In a historic resolution, at the UN General Assembly meeting in New York, governments approved a resolution, recognising the huge challenge of climate change and calling on the International Court of Justice (ICJ) to provide an advisory opinion on how it intersects with international law.
The landmark resolution seeks clarity on nations’ legal and human rights obligations relative to climate change, responding to the pleas from small island states whose very existence is at risk.
Ishmael Kalsakau, Prime Minister of Vanuatu, and a broad coalition of states from all regions brought this resolution forward in the General Assembly, building on support from a committed, determined campaign by civil society – including vital voices of young people in the Pacific and beyond. They called the decision “a win for climate justice of epic proportions”.
António Guterres, the UN-General Secretary stressed that now is the time for climate action and climate justice.
“The climate crisis can only be overcome through cooperation – between peoples, cultures, nations, generations. But festering climate injustice feeds divisions and threatens to paralyse global climate action,” he warned.
The ICJ, also known as the World Court, is the UN’s principal judicial organ. Although its advisory opinions are not legally binding, they carry legal authority and moral weight.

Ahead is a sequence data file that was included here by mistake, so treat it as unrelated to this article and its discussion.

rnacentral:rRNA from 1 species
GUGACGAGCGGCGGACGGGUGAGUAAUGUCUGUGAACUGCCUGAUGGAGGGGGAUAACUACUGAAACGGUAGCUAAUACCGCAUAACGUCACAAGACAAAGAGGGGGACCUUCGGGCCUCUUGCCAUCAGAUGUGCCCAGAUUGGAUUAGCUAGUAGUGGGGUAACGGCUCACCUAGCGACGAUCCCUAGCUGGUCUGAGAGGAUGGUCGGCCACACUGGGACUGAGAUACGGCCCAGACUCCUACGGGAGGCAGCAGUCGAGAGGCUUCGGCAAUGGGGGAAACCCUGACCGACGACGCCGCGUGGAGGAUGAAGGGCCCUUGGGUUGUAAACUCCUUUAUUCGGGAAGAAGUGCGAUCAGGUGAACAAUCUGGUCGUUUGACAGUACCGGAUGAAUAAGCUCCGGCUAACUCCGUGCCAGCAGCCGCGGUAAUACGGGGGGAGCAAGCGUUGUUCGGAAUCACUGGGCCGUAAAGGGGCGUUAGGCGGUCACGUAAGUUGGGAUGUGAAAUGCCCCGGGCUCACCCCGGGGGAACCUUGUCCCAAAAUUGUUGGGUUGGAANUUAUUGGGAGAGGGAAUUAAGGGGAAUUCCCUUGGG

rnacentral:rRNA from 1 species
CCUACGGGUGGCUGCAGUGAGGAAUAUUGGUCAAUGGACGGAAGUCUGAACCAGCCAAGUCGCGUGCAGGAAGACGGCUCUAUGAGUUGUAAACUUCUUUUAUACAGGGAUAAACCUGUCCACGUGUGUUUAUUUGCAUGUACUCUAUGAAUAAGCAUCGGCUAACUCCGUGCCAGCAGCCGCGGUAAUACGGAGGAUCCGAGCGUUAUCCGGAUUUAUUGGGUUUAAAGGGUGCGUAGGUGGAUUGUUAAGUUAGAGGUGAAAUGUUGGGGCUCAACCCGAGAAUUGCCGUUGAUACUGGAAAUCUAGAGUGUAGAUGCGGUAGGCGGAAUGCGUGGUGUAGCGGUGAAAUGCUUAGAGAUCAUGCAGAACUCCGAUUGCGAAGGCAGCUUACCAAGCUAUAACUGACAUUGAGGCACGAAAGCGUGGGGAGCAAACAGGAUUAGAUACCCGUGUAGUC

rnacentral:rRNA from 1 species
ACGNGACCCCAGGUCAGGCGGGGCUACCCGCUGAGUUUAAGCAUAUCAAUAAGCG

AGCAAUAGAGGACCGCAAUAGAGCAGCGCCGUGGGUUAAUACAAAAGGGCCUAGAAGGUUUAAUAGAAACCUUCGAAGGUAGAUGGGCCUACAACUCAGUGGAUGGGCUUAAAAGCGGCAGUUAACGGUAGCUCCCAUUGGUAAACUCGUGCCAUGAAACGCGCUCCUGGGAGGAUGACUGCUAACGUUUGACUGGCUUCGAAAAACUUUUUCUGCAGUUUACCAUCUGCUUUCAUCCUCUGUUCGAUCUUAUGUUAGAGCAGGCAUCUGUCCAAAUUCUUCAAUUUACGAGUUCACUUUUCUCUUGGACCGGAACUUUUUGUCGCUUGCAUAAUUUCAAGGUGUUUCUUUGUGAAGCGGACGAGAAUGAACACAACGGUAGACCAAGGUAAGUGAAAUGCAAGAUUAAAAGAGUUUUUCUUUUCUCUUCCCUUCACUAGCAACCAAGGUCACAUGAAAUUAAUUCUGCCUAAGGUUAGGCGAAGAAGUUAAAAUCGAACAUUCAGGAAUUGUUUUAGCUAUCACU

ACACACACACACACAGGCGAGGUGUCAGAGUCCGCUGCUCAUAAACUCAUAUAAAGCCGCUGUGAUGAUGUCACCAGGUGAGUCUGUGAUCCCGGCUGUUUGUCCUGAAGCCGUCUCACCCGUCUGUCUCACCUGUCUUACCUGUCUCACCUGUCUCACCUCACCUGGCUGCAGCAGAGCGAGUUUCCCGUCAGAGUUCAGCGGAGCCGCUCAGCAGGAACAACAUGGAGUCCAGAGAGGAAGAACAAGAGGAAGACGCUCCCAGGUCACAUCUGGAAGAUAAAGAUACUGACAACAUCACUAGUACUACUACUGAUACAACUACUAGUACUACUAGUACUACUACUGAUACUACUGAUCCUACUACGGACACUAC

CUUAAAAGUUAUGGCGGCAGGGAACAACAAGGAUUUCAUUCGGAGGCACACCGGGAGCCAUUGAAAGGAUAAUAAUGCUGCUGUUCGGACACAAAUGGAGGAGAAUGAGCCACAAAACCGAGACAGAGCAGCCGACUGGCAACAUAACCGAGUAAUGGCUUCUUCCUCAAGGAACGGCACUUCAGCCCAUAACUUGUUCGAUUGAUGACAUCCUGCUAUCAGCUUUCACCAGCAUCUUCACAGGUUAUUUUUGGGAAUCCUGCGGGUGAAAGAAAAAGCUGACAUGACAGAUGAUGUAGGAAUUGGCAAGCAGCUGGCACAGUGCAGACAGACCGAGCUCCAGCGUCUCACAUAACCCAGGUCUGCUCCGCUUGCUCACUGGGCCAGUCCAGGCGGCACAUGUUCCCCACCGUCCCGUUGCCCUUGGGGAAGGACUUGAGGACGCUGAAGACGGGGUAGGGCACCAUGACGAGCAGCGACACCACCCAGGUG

The resolution requests the ICJ to provide an advisory opinion on the legal obligations of States with respect to climate change and its adverse impacts around the world, including for future generations.
“The advisory opinion will have tremendous potential to bring into clearer focus such obligations, including towards people in vulnerable situations, and in international cooperation, as well as providing guidance for policy and litigation to come”, states the resolution.
This could be an important catalyst for the urgent, ambitious, and equitable climate action that is needed to stop global heating and to limit and remediate climate-induced human rights harms.
According to experts, this could encourage reviews of national climate plans, and push states to look harder at their domestic targets, aiming for stronger policies to cut emissions and adapt to the impacts of climate change.